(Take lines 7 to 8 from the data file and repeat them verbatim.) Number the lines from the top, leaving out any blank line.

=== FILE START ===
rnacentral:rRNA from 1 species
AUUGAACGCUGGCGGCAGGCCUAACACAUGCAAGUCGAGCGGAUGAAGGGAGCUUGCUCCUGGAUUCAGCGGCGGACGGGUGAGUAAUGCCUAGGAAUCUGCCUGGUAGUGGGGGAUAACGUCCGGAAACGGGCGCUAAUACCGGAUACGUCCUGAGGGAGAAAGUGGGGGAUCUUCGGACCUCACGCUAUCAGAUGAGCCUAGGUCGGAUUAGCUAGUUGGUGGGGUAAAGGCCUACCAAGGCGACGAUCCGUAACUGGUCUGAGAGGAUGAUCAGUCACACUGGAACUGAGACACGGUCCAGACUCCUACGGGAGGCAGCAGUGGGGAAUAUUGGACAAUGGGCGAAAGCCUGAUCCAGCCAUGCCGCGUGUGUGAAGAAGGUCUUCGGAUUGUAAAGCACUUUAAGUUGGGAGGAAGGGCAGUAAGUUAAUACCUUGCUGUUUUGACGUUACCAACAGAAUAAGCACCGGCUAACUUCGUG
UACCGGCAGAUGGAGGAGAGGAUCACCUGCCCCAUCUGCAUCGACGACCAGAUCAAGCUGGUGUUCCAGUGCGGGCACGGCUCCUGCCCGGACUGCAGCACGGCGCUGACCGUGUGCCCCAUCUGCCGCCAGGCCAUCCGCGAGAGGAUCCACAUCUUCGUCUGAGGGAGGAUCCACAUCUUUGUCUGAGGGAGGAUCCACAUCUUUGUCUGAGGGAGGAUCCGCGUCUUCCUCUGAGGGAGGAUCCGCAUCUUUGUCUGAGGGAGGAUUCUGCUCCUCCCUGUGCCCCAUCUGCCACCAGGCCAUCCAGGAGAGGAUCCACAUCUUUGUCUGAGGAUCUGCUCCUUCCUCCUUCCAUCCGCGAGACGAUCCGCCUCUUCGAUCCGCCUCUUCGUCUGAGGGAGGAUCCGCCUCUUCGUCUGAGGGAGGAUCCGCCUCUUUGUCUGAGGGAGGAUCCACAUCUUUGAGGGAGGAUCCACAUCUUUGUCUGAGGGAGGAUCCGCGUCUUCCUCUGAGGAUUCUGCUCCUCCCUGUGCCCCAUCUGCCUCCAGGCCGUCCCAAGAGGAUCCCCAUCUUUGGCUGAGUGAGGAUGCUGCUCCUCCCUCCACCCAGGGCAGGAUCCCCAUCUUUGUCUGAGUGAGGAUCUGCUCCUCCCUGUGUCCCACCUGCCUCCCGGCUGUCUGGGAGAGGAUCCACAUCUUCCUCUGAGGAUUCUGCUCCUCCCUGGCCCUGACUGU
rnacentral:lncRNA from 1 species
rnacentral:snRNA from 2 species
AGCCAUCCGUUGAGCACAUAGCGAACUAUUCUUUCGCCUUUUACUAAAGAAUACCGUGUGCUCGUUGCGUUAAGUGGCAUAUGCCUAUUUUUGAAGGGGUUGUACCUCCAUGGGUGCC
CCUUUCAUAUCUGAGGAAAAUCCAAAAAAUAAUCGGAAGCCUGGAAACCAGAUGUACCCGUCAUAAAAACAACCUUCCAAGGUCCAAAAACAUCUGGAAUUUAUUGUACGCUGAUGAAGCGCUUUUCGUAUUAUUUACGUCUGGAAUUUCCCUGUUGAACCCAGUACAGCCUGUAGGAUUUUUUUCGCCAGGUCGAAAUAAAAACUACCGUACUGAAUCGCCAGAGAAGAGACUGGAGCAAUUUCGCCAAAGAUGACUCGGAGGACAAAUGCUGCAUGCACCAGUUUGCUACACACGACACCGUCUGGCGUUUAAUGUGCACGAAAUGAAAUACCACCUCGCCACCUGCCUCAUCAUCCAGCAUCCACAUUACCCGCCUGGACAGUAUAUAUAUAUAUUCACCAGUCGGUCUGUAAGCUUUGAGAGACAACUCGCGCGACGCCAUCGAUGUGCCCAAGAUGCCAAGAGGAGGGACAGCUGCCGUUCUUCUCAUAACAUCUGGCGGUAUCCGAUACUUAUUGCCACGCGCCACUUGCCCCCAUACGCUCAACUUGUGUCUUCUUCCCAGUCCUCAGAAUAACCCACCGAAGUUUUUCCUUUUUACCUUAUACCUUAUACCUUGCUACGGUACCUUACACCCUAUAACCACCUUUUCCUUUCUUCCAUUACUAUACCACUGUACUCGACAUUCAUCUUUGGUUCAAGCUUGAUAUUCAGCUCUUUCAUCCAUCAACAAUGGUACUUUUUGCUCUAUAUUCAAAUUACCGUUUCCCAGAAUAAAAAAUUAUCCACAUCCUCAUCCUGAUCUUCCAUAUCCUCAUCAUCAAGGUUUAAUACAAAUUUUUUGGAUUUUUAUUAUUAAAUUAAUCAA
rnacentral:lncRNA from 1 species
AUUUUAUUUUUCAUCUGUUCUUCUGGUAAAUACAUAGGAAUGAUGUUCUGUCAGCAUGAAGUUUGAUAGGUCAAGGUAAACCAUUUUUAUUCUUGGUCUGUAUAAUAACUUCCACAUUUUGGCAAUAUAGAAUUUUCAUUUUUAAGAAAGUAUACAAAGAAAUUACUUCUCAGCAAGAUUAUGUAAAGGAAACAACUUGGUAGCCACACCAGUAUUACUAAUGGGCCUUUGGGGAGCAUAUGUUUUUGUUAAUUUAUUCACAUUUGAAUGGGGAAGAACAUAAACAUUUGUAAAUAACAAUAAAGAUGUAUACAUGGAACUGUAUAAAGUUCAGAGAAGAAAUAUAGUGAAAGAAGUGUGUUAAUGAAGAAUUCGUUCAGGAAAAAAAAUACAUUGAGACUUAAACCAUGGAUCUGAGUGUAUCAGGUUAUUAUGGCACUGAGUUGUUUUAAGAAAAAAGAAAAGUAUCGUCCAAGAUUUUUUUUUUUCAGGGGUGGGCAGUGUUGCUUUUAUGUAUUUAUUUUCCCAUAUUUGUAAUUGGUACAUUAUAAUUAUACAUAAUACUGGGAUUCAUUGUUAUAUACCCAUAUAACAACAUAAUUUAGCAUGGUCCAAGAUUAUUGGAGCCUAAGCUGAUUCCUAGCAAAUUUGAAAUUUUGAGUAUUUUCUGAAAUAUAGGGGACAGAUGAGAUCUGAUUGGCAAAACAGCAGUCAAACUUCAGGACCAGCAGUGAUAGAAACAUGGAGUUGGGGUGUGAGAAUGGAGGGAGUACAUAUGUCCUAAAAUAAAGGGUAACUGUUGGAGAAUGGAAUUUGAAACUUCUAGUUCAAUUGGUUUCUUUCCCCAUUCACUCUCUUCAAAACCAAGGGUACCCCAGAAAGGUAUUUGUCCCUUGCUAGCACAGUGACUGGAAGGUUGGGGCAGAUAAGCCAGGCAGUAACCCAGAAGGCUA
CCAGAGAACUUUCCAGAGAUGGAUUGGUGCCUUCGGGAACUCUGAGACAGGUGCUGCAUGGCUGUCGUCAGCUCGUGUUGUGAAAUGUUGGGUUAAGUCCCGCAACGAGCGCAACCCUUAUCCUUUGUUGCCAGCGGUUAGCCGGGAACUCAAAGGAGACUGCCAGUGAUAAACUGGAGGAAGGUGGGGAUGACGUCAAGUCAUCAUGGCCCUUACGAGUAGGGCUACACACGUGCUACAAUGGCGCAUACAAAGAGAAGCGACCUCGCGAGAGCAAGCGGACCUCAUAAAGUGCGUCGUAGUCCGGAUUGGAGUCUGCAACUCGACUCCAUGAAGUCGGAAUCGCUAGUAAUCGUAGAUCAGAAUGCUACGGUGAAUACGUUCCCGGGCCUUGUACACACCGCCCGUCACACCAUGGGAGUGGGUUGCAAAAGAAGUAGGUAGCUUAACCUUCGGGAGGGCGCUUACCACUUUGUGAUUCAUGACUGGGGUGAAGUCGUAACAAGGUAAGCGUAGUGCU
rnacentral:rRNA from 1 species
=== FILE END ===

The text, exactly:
CCUUUCAUAUCUGAGGAAAAUCCAAAAAAUAAUCGGAAGCCUGGAAACCAGAUGUACCCGUCAUAAAAACAACCUUCCAAGGUCCAAAAACAUCUGGAAUUUAUUGUACGCUGAUGAAGCGCUUUUCGUAUUAUUUACGUCUGGAAUUUCCCUGUUGAACCCAGUACAGCCUGUAGGAUUUUUUUCGCCAGGUCGAAAUAAAAACUACCGUACUGAAUCGCCAGAGAAGAGACUGGAGCAAUUUCGCCAAAGAUGACUCGGAGGACAAAUGCUGCAUGCACCAGUUUGCUACACACGACACCGUCUGGCGUUUAAUGUGCACGAAAUGAAAUACCACCUCGCCACCUGCCUCAUCAUCCAGCAUCCACAUUACCCGCCUGGACAGUAUAUAUAUAUAUUCACCAGUCGGUCUGUAAGCUUUGAGAGACAACUCGCGCGACGCCAUCGAUGUGCCCAAGAUGCCAAGAGGAGGGACAGCUGCCGUUCUUCUCAUAACAUCUGGCGGUAUCCGAUACUUAUUGCCACGCGCCACUUGCCCCCAUACGCUCAACUUGUGUCUUCUUCCCAGUCCUCAGAAUAACCCACCGAAGUUUUUCCUUUUUACCUUAUACCUUAUACCUUGCUACGGUACCUUACACCCUAUAACCACCUUUUCCUUUCUUCCAUUACUAUACCACUGUACUCGACAUUCAUCUUUGGUUCAAGCUUGAUAUUCAGCUCUUUCAUCCAUCAACAAUGGUACUUUUUGCUCUAUAUUCAAAUUACCGUUUCCCAGAAUAAAAAAUUAUCCACAUCCUCAUCCUGAUCUUCCAUAUCCUCAUCAUCAAGGUUUAAUACAAAUUUUUUGGAUUUUUAUUAUUAAAUUAAUCAA
rnacentral:lncRNA from 1 species